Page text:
Amsterdam Density Functional

Amsterdam Density Functional (ADF) is a program for first-principles electronic structure calculations that makes use of density functional theory (DFT). [1] ADF was first developed in the early seventies by the group of E. J. Baerends from the Vrije Universiteit in Amsterdam, and by the group of T. Ziegler from the University of Calgary. Nowadays many other academic groups are contributing to the software. Scientific Computing & Modelling (SCM), a spin-off company from the Baerends group, coordinates the development and distribution of ADF since 1995. Together with the rise in popularity of DFT over the last decade, ADF has become a popular computational chemistry software package used in the industrial and academic research. ADF excels in spectroscopy, transition metals, and heavy elements problems. A periodic structure counterpart of ADF named BAND is available to study bulk crystals, polymers, and surfaces.[2]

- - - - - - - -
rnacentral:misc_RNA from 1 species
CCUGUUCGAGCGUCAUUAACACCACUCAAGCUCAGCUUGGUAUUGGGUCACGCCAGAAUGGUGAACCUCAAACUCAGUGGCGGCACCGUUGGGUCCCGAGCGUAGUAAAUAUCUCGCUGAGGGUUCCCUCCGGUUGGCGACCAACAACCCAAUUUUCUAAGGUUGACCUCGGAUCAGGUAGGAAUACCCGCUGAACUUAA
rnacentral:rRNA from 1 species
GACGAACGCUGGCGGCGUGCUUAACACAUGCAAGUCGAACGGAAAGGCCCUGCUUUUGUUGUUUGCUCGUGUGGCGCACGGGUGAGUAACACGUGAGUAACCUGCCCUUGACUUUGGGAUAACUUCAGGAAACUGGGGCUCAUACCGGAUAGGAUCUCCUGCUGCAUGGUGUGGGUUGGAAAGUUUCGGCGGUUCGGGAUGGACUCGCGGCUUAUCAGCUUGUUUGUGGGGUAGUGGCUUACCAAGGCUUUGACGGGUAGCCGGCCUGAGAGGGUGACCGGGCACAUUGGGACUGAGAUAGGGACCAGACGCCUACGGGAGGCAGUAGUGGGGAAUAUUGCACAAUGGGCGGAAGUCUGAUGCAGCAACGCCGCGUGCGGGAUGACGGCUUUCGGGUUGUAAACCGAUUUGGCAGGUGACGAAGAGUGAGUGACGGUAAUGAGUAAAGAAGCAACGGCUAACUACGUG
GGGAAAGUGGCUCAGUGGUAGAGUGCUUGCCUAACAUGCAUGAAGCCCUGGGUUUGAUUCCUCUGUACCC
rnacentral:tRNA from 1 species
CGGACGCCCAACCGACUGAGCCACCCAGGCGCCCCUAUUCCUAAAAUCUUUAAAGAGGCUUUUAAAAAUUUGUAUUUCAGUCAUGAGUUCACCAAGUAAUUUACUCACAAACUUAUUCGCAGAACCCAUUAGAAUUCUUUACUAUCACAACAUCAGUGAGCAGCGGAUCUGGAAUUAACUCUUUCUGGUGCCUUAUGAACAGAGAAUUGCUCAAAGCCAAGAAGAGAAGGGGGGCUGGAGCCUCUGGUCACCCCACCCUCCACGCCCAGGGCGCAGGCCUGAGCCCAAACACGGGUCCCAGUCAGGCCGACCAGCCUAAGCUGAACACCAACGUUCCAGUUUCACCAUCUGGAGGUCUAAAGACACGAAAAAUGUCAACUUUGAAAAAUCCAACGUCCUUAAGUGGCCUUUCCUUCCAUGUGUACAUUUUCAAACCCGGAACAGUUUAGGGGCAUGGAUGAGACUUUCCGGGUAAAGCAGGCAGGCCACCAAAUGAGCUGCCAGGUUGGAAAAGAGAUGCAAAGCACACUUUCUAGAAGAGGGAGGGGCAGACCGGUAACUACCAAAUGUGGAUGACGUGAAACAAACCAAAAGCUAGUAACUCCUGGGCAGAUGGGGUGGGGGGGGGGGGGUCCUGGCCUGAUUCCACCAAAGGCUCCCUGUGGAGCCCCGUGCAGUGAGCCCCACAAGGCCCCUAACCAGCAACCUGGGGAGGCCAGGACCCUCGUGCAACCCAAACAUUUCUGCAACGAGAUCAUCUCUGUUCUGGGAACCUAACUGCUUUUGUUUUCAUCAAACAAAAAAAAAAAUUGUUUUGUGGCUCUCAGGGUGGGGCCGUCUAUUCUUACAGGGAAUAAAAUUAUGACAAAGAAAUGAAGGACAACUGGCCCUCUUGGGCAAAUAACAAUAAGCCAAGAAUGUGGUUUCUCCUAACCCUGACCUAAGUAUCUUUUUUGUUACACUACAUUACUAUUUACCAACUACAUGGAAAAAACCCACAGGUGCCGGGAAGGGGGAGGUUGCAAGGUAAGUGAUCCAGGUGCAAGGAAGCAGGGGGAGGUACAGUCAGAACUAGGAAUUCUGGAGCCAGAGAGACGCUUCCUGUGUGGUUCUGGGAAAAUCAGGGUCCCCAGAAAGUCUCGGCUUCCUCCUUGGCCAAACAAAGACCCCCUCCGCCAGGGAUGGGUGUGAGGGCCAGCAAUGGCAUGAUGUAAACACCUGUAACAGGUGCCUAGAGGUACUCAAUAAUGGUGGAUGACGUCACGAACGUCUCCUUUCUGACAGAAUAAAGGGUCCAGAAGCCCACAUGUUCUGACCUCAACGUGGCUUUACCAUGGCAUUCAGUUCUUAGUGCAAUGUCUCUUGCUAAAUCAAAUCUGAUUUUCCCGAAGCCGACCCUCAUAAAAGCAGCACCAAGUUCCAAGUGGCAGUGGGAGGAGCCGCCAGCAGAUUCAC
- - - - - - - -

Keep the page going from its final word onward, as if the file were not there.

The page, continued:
Specific features and capabilities

See ADF website for a comprehensive listing.[3]

* Slater-type orbitals (STOs) as basis functions, in contrast to the most of the codes using Gaussian orbitals (GTOs).
* Basis sets and relativistic methods (zeroth order regular approximation to the Dirac equation (ZORA), and spin-orbit coupling) for all the chemical elements up to no. 118.
* Various molecular properties: IR, Raman, VCD, UV, XAS spectra; NMR and EPR (ESR) parameters.
* Solvent and environmental effects via COSMO, COSMO-RS, QM/MM, DRF.
* ADF and BAND graphical user interface (GUI) makes it easy to set up calculations and visualize the results.
* Out-of-the-box parallel calculations via HP-MPI.

See also

* Quantum chemistry computer programs


1. ^ Computational Chemistry, David Young, Wiley-Interscience, 2001. Appendix A. A.2.1 pg 332, ADF
2. ^ The periodic structure program BAND
3. ^ ADF feature list

External links

* Scientific Computing & Modelling

Chemistry Encyclopedia

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